The prize, now in its second year, honors an urban charter school system that has demonstrated the most outstanding overall student performance and improvement while reducing achievement gaps for poor and minority students.
Uncommon Schools, a network of free public charter schools in Boston, Newark, New York City, and Rochester and Troy, New York, serves nearly eight thousand students, almost all (98 percent) of whom are African American or Latino and more than three-quarters (78 percent) of whom are low-income. In recent years, Uncommon School students consistently have outperformed their low-income and African-American peers in the rest of the state. Within the states in which it operates, the charter management organization has managed to close 56 percent of the achievement gap between its low-income students and non-low-income students in the rest of the state, and 56 percent of the achievement gap between its African-American students and white students; that compares favorably with the 13 percent and 12 percent, respectively, among all charter management organizations eligible for the prize.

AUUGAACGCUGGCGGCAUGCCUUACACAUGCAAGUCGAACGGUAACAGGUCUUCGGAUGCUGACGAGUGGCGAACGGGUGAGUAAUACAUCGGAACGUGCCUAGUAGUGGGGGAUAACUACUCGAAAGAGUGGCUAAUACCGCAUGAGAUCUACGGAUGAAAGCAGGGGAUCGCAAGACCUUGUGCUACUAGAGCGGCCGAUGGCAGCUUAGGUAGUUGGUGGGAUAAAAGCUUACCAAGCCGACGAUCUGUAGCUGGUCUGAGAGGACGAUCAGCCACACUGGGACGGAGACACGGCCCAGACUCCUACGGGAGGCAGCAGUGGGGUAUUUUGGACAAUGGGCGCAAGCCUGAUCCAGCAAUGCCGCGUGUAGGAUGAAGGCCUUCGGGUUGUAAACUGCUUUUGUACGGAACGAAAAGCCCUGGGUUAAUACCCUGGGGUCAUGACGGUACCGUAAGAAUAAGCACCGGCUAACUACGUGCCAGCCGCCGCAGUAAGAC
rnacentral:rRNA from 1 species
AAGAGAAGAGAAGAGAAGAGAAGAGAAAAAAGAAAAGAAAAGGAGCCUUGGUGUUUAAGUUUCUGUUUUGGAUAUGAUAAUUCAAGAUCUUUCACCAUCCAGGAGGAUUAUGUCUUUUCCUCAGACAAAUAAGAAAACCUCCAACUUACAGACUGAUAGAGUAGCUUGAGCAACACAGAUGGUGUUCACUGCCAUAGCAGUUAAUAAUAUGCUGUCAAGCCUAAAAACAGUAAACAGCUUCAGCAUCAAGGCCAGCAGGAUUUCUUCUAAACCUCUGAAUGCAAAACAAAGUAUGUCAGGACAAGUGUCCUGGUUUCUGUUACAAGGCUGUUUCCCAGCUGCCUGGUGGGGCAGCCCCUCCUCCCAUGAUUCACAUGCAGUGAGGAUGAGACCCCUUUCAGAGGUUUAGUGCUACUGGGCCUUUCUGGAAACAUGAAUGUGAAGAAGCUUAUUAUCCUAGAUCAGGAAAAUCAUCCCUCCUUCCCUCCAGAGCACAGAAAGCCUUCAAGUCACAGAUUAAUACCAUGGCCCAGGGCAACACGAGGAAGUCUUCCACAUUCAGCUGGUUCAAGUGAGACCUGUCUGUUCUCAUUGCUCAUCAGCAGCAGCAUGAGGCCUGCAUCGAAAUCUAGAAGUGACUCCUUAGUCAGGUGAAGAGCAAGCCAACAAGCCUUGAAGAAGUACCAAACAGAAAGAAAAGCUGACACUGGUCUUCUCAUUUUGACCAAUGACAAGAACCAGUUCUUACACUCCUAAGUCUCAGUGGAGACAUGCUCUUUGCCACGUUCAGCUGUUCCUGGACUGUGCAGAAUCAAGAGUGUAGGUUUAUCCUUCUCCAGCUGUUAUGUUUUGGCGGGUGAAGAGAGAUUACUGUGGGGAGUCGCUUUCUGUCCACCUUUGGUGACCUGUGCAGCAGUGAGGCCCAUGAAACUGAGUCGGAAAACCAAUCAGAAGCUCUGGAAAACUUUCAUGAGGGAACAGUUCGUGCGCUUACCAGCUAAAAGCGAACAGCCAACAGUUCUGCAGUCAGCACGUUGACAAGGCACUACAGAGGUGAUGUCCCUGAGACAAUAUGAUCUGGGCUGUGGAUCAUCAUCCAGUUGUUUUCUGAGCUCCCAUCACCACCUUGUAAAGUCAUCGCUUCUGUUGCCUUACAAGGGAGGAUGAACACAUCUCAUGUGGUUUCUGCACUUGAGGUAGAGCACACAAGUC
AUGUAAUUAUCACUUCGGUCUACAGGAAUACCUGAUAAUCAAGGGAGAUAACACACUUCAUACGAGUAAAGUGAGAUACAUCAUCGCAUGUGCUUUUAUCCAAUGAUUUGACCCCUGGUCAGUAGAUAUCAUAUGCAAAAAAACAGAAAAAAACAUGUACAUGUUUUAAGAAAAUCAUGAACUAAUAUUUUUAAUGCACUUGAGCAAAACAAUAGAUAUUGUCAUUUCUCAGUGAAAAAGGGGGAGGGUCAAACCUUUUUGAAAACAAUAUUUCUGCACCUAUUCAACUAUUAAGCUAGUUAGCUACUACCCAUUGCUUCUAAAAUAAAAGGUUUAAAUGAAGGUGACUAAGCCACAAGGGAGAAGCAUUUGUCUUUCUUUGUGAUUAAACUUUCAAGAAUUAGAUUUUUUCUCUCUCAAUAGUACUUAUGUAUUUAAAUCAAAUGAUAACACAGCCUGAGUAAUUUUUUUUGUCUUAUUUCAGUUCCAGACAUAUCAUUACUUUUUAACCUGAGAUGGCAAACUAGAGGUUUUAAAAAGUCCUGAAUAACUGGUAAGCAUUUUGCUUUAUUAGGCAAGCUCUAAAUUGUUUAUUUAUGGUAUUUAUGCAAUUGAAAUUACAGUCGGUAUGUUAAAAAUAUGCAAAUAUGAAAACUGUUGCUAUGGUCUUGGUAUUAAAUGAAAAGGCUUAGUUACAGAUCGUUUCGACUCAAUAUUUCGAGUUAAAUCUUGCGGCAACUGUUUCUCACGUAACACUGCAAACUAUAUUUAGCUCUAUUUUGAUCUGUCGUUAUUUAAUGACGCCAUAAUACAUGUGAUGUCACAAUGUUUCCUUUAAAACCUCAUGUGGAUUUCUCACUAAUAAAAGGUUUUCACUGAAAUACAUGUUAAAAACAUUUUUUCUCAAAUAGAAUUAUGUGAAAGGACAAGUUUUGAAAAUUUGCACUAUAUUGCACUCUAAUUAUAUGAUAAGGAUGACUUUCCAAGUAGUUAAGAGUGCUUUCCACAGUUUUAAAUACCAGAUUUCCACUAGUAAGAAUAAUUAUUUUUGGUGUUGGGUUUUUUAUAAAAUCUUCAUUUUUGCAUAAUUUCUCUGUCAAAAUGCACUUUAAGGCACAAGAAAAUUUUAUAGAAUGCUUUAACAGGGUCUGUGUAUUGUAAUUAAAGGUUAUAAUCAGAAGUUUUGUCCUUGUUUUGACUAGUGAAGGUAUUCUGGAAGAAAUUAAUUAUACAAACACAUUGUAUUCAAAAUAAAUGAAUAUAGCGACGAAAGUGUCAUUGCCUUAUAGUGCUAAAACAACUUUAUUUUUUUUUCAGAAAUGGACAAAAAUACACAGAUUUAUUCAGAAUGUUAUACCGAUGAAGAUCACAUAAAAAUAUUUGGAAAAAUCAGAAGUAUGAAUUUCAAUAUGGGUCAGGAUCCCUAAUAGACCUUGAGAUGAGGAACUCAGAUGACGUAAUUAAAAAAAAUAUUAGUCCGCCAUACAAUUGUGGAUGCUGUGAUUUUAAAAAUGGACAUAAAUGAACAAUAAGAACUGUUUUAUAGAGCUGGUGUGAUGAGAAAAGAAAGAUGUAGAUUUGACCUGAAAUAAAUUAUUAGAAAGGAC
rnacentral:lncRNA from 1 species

Chosen from among twenty-seven large established charter school systems, Uncommon Schools will receive $250,000 in support of its efforts to improve college readiness among low-income students. Achievement First and the KIPP Foundation also were finalists for the prize.
"While we congratulate Uncommon Schools for their progress in raising student achievement and their steadfast commitment to ensuring that every child — regardless of family income or background — deserves a world-class education, the real winners are the students who are served by these and other high-quality charter management organizations," said Rebecca Wolf DiBiase, managing director of programs for the Broad Foundation. "It is our hope that the success of Uncommon Schools serves as an example for traditional public schools and others in the charter sector of what is possible."